First Friday Spokane, December 2010

December’s First Friday artist receptions and exhibitions

Annette Farrell

Graphics Editor

Spokane’s monthly celebration of local art and galleries, otherwise

know as First Friday, featured art of many mediums and artists of many kinds. The Spokane Arts Commission featured 24 venues in all. Let’s take a look at five events that took place during the first weekend of December.

Kolva-Sullivan Gallery & Track Side Studio
115 Adams St.

This gallery is located around the corner from Washington Square, which is home to a Rocket Bakery and the clothing boutique Fringe and Fray. These two gallery spaces share the same front door. To the left is the pottery studio shared by two owners who use the space to work and display their craft. To the right, the Kolva-Sullivan gallery hosts the reception for Matt Boland’s “Scream and Shine” exhibition of pottery sculpture, which is partly a celebration of the artist’s return to Eastern Washington.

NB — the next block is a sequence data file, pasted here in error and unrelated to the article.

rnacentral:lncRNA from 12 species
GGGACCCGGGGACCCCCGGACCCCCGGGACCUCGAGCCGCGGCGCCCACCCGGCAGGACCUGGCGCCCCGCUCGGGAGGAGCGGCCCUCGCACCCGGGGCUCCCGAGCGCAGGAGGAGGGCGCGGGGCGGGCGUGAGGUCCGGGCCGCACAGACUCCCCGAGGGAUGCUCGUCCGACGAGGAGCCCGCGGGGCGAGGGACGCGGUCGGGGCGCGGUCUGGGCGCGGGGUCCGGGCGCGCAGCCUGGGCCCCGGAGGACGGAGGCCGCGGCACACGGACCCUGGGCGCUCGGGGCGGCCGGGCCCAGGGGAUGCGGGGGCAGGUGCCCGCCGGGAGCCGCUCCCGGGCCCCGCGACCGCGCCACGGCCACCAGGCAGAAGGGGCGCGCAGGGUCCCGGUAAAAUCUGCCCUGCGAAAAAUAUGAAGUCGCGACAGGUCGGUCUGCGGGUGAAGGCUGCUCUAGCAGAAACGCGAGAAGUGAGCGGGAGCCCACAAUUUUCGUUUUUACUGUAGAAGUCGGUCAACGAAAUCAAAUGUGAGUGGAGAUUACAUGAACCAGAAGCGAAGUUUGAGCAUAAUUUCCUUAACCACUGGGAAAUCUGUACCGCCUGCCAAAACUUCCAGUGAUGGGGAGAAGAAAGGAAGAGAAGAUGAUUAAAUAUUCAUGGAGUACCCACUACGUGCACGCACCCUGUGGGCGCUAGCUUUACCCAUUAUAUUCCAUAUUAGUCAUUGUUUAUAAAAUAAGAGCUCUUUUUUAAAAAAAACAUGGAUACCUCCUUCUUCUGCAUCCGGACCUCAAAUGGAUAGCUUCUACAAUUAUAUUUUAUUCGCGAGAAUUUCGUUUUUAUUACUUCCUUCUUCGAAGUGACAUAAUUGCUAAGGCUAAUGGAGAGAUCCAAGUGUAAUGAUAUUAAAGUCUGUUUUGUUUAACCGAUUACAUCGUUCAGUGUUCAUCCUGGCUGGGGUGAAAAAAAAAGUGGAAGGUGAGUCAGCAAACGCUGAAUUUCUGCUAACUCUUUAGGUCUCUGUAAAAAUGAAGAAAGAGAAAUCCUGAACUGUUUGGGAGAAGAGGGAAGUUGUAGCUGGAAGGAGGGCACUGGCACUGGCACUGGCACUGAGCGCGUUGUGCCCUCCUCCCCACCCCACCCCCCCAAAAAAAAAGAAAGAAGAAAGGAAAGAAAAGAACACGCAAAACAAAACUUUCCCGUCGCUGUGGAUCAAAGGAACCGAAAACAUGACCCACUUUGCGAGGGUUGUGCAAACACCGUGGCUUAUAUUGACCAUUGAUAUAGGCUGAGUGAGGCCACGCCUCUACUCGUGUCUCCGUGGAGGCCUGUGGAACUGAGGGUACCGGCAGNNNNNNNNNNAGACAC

Boland is glad to be back in Spokane. He has seen Spokane’s art scene, and Spokane itself, grow a lot over the years. There is a belief held by many Spokanites that Spokane has no culture, but Boland said that this is the wrong way to think about it.

“If you’re assuming there is no culture, then its going to die out. [Spokane] has really grown, and it’s going to keep growing,” Boland said.

The industrial gallery space of the Kolva-Sullivan gallery features a series of Boland’s sculptures depicting men in underwear, contorted into outlandish positions. Each angry, stru

ggling figure would have a rather imposing presence if not for the fact that they are stripped down to their whitey-tighties, with beer bellies and pink skin revealed.

“My current work addresses the ongoing obsession, in my life as well as those around me, with self-improvement,” Boland said.

One sculpture, called “Too Carry My Own Weight,” is composed of a floating man struggling to carry a copy of himself in a net. Through this sculpture, Boland communicates the kind of inner struggle that everyone experiences. Sometimes people struggle to carry their own metaphorical baggage, and sometimes it is actually the physical body that hold us back.

Boland uses the underwear as a contrast to the anger and struggle present in the little clay men. Contrast, which Boland says is different from